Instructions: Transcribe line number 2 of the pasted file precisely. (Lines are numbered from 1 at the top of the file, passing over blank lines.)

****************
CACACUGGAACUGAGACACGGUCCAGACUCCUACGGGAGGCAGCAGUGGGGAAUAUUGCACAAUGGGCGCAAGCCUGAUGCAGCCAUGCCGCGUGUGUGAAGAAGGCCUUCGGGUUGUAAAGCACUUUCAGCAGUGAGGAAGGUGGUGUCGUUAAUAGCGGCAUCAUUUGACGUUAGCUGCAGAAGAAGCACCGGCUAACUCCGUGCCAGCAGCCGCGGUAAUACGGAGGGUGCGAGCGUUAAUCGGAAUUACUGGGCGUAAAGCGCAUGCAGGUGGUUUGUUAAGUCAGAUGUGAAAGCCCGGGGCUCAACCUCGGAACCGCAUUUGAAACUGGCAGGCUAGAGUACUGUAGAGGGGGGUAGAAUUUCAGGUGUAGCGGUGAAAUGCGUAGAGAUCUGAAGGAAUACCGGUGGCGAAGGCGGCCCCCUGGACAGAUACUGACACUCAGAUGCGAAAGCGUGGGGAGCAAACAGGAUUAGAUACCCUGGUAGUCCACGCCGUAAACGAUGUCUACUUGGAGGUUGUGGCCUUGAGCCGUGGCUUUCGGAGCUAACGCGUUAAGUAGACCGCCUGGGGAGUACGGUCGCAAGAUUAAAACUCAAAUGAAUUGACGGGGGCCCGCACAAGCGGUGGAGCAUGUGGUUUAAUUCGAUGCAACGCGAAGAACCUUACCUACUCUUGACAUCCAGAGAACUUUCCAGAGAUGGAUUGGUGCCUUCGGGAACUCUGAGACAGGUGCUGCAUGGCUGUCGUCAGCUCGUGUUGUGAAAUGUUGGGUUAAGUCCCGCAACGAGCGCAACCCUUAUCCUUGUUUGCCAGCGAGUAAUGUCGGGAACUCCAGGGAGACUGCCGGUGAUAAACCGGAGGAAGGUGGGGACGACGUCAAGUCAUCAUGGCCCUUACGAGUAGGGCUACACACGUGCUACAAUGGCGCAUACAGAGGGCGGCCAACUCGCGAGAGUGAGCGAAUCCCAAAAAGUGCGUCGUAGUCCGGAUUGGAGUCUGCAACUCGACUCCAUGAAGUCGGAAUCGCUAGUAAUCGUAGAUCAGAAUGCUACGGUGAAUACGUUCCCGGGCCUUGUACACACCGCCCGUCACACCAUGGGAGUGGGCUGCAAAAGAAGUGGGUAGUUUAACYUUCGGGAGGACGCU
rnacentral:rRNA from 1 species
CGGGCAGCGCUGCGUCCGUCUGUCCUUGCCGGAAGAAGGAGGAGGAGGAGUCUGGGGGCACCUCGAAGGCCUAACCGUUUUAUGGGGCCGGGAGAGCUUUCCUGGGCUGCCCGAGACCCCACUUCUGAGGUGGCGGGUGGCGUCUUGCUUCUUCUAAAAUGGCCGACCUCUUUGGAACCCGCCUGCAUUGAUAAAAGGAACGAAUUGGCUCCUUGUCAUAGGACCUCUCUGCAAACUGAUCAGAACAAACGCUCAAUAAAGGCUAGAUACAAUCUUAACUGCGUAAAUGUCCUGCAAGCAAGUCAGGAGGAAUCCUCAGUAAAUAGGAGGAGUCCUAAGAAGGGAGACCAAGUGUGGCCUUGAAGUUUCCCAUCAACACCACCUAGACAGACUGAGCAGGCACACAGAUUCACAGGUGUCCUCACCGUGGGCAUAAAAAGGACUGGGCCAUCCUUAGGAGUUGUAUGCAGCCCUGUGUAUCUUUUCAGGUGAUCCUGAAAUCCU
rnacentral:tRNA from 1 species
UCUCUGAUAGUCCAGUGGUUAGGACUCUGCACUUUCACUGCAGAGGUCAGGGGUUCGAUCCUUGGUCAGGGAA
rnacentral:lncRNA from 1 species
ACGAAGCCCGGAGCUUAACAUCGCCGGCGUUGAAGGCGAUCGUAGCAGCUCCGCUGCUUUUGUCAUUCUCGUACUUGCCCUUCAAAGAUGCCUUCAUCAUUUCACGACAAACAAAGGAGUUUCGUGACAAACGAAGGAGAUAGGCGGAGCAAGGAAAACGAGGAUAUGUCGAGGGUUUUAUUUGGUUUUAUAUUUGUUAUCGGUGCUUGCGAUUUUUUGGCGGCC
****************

rnacentral:rRNA from 1 species